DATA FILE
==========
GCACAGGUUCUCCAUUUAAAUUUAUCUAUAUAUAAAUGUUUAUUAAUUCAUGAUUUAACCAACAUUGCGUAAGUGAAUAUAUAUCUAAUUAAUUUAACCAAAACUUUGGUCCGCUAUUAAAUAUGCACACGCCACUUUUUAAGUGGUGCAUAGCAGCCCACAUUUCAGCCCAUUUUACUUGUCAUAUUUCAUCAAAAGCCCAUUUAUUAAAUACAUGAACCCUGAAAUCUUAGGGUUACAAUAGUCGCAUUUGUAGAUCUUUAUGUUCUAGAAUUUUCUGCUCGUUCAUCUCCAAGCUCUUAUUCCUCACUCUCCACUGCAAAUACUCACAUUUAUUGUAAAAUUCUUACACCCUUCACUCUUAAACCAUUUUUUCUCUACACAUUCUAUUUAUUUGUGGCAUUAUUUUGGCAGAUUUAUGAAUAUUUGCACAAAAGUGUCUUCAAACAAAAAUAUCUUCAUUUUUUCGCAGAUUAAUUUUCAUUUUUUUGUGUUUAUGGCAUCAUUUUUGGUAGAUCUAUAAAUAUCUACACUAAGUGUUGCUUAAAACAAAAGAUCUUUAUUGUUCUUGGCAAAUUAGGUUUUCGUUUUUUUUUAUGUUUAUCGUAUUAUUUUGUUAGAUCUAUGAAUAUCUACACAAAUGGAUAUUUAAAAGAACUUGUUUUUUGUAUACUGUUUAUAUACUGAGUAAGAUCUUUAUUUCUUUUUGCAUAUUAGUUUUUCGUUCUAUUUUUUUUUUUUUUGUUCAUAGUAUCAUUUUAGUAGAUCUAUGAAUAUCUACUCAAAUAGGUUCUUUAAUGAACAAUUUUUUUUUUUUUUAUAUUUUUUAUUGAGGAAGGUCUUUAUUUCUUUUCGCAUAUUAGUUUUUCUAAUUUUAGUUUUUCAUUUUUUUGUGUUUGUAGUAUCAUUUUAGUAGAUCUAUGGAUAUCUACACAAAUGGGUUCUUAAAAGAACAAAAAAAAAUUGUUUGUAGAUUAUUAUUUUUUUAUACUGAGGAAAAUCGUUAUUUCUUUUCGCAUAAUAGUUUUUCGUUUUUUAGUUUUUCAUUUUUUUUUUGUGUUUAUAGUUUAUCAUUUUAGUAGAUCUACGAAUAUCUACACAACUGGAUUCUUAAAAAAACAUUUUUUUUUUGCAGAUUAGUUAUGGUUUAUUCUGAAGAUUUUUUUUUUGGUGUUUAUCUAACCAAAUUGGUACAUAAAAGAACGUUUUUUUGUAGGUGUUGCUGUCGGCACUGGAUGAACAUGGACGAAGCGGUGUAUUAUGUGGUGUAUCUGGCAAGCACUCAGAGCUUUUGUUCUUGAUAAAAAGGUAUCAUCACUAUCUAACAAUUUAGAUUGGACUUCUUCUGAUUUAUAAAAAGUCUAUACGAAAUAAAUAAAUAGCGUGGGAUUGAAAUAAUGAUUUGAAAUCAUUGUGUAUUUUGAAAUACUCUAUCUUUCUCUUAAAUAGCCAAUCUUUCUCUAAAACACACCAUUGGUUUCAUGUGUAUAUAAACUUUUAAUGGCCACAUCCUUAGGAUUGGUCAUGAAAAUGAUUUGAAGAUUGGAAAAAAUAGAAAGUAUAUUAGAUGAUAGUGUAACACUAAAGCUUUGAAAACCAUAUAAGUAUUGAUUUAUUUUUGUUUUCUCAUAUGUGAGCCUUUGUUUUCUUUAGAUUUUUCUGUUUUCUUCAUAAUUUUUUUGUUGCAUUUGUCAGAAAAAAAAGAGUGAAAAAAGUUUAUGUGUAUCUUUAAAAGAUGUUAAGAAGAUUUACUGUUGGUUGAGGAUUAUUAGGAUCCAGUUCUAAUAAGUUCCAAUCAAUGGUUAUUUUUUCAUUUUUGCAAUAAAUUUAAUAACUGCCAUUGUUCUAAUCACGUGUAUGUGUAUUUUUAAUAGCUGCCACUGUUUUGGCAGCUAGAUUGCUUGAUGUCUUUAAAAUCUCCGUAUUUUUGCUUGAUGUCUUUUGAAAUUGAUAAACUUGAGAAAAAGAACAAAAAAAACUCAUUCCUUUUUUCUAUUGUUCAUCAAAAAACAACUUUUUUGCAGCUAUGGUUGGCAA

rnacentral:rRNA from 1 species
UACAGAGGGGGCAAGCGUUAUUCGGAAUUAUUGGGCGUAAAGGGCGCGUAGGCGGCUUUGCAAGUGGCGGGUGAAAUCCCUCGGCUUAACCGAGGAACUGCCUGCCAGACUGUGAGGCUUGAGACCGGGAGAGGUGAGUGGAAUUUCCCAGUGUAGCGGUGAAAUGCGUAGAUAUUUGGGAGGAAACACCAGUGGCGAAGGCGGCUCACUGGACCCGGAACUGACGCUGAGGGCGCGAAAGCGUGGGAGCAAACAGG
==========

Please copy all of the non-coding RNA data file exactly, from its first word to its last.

GCACAGGUUCUCCAUUUAAAUUUAUCUAUAUAUAAAUGUUUAUUAAUUCAUGAUUUAACCAACAUUGCGUAAGUGAAUAUAUAUCUAAUUAAUUUAACCAAAACUUUGGUCCGCUAUUAAAUAUGCACACGCCACUUUUUAAGUGGUGCAUAGCAGCCCACAUUUCAGCCCAUUUUACUUGUCAUAUUUCAUCAAAAGCCCAUUUAUUAAAUACAUGAACCCUGAAAUCUUAGGGUUACAAUAGUCGCAUUUGUAGAUCUUUAUGUUCUAGAAUUUUCUGCUCGUUCAUCUCCAAGCUCUUAUUCCUCACUCUCCACUGCAAAUACUCACAUUUAUUGUAAAAUUCUUACACCCUUCACUCUUAAACCAUUUUUUCUCUACACAUUCUAUUUAUUUGUGGCAUUAUUUUGGCAGAUUUAUGAAUAUUUGCACAAAAGUGUCUUCAAACAAAAAUAUCUUCAUUUUUUCGCAGAUUAAUUUUCAUUUUUUUGUGUUUAUGGCAUCAUUUUUGGUAGAUCUAUAAAUAUCUACACUAAGUGUUGCUUAAAACAAAAGAUCUUUAUUGUUCUUGGCAAAUUAGGUUUUCGUUUUUUUUUAUGUUUAUCGUAUUAUUUUGUUAGAUCUAUGAAUAUCUACACAAAUGGAUAUUUAAAAGAACUUGUUUUUUGUAUACUGUUUAUAUACUGAGUAAGAUCUUUAUUUCUUUUUGCAUAUUAGUUUUUCGUUCUAUUUUUUUUUUUUUUGUUCAUAGUAUCAUUUUAGUAGAUCUAUGAAUAUCUACUCAAAUAGGUUCUUUAAUGAACAAUUUUUUUUUUUUUUAUAUUUUUUAUUGAGGAAGGUCUUUAUUUCUUUUCGCAUAUUAGUUUUUCUAAUUUUAGUUUUUCAUUUUUUUGUGUUUGUAGUAUCAUUUUAGUAGAUCUAUGGAUAUCUACACAAAUGGGUUCUUAAAAGAACAAAAAAAAAUUGUUUGUAGAUUAUUAUUUUUUUAUACUGAGGAAAAUCGUUAUUUCUUUUCGCAUAAUAGUUUUUCGUUUUUUAGUUUUUCAUUUUUUUUUUGUGUUUAUAGUUUAUCAUUUUAGUAGAUCUACGAAUAUCUACACAACUGGAUUCUUAAAAAAACAUUUUUUUUUUGCAGAUUAGUUAUGGUUUAUUCUGAAGAUUUUUUUUUUGGUGUUUAUCUAACCAAAUUGGUACAUAAAAGAACGUUUUUUUGUAGGUGUUGCUGUCGGCACUGGAUGAACAUGGACGAAGCGGUGUAUUAUGUGGUGUAUCUGGCAAGCACUCAGAGCUUUUGUUCUUGAUAAAAAGGUAUCAUCACUAUCUAACAAUUUAGAUUGGACUUCUUCUGAUUUAUAAAAAGUCUAUACGAAAUAAAUAAAUAGCGUGGGAUUGAAAUAAUGAUUUGAAAUCAUUGUGUAUUUUGAAAUACUCUAUCUUUCUCUUAAAUAGCCAAUCUUUCUCUAAAACACACCAUUGGUUUCAUGUGUAUAUAAACUUUUAAUGGCCACAUCCUUAGGAUUGGUCAUGAAAAUGAUUUGAAGAUUGGAAAAAAUAGAAAGUAUAUUAGAUGAUAGUGUAACACUAAAGCUUUGAAAACCAUAUAAGUAUUGAUUUAUUUUUGUUUUCUCAUAUGUGAGCCUUUGUUUUCUUUAGAUUUUUCUGUUUUCUUCAUAAUUUUUUUGUUGCAUUUGUCAGAAAAAAAAGAGUGAAAAAAGUUUAUGUGUAUCUUUAAAAGAUGUUAAGAAGAUUUACUGUUGGUUGAGGAUUAUUAGGAUCCAGUUCUAAUAAGUUCCAAUCAAUGGUUAUUUUUUCAUUUUUGCAAUAAAUUUAAUAACUGCCAUUGUUCUAAUCACGUGUAUGUGUAUUUUUAAUAGCUGCCACUGUUUUGGCAGCUAGAUUGCUUGAUGUCUUUAAAAUCUCCGUAUUUUUGCUUGAUGUCUUUUGAAAUUGAUAAACUUGAGAAAAAGAACAAAAAAAACUCAUUCCUUUUUUCUAUUGUUCAUCAAAAAACAACUUUUUUGCAGCUAUGGUUGGCAA

rnacentral:rRNA from 1 species
UACAGAGGGGGCAAGCGUUAUUCGGAAUUAUUGGGCGUAAAGGGCGCGUAGGCGGCUUUGCAAGUGGCGGGUGAAAUCCCUCGGCUUAACCGAGGAACUGCCUGCCAGACUGUGAGGCUUGAGACCGGGAGAGGUGAGUGGAAUUUCCCAGUGUAGCGGUGAAAUGCGUAGAUAUUUGGGAGGAAACACCAGUGGCGAAGGCGGCUCACUGGACCCGGAACUGACGCUGAGGGCGCGAAAGCGUGGGAGCAAACAGG